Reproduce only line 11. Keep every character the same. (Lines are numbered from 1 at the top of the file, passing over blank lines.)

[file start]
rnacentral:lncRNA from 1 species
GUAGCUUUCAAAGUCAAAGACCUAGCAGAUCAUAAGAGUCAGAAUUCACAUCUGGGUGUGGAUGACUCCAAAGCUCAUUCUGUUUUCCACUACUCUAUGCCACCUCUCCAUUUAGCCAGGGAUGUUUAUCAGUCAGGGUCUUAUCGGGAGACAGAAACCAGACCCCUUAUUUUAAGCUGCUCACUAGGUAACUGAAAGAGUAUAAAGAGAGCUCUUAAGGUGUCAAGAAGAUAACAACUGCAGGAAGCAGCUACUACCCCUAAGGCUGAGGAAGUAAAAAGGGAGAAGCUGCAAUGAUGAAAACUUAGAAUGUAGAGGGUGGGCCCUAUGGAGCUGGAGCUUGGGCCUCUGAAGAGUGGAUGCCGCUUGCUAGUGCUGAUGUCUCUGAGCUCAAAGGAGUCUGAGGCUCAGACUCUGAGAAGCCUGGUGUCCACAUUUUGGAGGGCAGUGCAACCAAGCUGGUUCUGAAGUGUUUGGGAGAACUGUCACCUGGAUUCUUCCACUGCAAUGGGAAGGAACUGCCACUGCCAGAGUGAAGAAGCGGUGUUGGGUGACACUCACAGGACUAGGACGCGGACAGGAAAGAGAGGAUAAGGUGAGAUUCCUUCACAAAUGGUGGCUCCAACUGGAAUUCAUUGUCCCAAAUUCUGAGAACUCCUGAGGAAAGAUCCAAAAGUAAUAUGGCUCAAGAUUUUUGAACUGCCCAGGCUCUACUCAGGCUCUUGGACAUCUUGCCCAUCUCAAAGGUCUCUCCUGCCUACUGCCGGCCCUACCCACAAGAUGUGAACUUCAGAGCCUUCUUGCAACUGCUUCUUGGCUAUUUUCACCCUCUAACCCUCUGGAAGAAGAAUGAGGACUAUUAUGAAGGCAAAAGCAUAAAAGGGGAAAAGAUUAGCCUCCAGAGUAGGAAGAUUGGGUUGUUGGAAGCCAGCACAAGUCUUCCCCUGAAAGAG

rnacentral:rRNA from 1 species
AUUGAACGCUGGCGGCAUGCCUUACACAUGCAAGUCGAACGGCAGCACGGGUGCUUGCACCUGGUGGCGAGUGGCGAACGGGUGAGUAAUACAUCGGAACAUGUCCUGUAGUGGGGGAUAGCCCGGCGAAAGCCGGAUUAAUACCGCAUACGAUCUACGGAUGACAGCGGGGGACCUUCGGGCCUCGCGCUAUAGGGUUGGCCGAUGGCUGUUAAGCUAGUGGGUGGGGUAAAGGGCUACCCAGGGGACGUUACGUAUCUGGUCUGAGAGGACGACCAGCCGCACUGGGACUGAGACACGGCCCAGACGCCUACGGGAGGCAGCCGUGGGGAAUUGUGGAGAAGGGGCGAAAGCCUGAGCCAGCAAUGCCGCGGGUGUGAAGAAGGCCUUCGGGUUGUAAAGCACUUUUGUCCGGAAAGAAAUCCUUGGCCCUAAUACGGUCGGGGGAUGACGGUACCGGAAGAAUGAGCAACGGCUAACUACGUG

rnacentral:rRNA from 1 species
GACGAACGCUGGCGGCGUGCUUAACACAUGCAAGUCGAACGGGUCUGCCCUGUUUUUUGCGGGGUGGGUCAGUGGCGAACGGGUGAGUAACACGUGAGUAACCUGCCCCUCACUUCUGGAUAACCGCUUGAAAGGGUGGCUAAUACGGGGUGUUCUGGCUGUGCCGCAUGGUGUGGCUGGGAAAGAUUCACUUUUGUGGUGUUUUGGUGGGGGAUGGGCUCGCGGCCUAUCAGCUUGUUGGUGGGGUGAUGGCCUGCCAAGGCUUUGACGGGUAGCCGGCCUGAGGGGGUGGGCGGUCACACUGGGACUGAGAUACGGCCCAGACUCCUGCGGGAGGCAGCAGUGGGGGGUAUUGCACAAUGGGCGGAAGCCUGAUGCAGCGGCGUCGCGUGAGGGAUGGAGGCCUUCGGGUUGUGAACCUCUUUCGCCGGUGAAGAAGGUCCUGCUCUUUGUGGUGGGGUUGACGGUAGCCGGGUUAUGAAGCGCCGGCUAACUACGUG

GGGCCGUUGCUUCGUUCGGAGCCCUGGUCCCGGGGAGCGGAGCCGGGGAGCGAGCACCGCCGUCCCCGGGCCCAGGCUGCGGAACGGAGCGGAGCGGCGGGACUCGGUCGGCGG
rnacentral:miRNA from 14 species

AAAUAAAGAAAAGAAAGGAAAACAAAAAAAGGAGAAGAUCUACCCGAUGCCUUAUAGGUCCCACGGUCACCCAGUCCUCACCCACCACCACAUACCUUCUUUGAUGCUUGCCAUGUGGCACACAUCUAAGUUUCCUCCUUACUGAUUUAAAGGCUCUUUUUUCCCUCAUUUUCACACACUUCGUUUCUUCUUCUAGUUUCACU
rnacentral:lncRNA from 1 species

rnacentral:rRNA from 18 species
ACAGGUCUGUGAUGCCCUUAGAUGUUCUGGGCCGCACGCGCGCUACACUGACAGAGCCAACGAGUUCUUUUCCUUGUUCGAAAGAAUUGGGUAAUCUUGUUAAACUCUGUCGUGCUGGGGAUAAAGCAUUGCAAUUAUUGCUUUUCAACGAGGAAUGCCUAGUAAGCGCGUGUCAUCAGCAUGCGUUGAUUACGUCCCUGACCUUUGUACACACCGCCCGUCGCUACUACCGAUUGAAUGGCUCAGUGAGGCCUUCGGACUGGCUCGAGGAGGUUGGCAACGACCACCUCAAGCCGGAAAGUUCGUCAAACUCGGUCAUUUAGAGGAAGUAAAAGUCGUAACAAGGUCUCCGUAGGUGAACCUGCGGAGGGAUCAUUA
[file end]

rnacentral:rRNA from 18 species